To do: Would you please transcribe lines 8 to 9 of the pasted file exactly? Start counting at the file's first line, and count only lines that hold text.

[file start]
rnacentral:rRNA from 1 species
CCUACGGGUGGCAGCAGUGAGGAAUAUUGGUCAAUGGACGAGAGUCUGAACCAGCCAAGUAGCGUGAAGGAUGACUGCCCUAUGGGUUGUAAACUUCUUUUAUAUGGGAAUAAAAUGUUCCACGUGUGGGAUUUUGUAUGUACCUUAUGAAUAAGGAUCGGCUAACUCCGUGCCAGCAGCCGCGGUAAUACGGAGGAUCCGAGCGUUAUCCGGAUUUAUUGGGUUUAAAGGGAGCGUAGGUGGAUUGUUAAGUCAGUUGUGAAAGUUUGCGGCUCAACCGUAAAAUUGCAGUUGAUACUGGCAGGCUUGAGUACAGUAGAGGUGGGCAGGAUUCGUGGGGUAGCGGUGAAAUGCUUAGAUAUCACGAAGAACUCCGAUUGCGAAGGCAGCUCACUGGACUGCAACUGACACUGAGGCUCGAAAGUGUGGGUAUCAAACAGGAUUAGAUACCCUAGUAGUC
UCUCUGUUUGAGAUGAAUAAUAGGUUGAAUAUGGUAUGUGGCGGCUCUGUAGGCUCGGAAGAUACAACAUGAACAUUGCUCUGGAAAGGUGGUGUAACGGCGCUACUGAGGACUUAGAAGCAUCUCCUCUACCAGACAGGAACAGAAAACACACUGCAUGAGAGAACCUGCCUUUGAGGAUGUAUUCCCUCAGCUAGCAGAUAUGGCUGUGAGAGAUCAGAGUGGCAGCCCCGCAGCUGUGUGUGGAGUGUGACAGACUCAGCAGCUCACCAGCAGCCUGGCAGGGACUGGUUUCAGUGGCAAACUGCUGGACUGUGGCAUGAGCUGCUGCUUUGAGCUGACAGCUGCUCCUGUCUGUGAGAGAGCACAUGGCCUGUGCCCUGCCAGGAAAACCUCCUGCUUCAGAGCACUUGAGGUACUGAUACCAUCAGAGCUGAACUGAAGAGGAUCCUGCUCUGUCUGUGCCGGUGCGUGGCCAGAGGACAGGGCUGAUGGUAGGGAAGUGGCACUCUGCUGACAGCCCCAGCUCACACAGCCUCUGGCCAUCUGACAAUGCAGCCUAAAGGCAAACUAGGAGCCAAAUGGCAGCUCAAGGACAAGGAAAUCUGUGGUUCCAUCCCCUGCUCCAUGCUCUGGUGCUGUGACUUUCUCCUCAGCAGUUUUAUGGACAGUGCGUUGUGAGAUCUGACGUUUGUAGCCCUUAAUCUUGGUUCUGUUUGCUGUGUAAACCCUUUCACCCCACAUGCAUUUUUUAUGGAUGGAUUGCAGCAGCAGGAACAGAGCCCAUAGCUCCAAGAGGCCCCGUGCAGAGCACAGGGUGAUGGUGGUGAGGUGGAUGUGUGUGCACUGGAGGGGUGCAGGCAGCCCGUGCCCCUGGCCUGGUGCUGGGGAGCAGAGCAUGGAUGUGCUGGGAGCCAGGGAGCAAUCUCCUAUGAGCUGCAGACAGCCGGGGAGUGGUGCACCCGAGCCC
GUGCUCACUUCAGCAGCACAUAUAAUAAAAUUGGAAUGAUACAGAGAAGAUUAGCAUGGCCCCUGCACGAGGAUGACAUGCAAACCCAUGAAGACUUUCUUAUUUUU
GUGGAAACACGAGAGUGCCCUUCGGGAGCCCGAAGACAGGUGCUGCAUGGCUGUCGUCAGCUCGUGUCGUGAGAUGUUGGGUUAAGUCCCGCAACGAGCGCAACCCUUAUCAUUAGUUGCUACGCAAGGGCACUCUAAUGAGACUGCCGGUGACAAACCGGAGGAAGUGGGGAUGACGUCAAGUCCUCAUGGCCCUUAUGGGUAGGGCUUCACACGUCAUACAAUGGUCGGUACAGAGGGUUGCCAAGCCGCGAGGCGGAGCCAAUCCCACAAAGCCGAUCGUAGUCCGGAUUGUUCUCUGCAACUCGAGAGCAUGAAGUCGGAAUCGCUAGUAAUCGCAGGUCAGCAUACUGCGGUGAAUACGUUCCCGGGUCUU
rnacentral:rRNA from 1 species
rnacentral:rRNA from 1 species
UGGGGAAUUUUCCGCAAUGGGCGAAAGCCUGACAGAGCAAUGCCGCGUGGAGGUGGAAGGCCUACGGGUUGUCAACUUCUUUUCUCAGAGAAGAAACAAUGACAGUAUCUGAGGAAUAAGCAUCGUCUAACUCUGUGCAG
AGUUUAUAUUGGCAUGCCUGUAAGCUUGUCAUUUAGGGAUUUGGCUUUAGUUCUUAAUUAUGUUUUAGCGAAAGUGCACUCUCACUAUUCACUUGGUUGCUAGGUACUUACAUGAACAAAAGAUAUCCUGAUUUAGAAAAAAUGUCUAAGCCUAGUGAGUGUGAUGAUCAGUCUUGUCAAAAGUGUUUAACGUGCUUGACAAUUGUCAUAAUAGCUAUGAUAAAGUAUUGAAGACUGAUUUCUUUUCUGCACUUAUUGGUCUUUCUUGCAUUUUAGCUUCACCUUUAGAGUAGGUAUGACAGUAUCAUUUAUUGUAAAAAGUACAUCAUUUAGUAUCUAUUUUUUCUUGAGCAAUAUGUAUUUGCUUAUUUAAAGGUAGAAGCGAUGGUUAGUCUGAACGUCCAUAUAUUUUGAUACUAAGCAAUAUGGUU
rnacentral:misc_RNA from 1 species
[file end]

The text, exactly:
UGGGGAAUUUUCCGCAAUGGGCGAAAGCCUGACAGAGCAAUGCCGCGUGGAGGUGGAAGGCCUACGGGUUGUCAACUUCUUUUCUCAGAGAAGAAACAAUGACAGUAUCUGAGGAAUAAGCAUCGUCUAACUCUGUGCAG
AGUUUAUAUUGGCAUGCCUGUAAGCUUGUCAUUUAGGGAUUUGGCUUUAGUUCUUAAUUAUGUUUUAGCGAAAGUGCACUCUCACUAUUCACUUGGUUGCUAGGUACUUACAUGAACAAAAGAUAUCCUGAUUUAGAAAAAAUGUCUAAGCCUAGUGAGUGUGAUGAUCAGUCUUGUCAAAAGUGUUUAACGUGCUUGACAAUUGUCAUAAUAGCUAUGAUAAAGUAUUGAAGACUGAUUUCUUUUCUGCACUUAUUGGUCUUUCUUGCAUUUUAGCUUCACCUUUAGAGUAGGUAUGACAGUAUCAUUUAUUGUAAAAAGUACAUCAUUUAGUAUCUAUUUUUUCUUGAGCAAUAUGUAUUUGCUUAUUUAAAGGUAGAAGCGAUGGUUAGUCUGAACGUCCAUAUAUUUUGAUACUAAGCAAUAUGGUU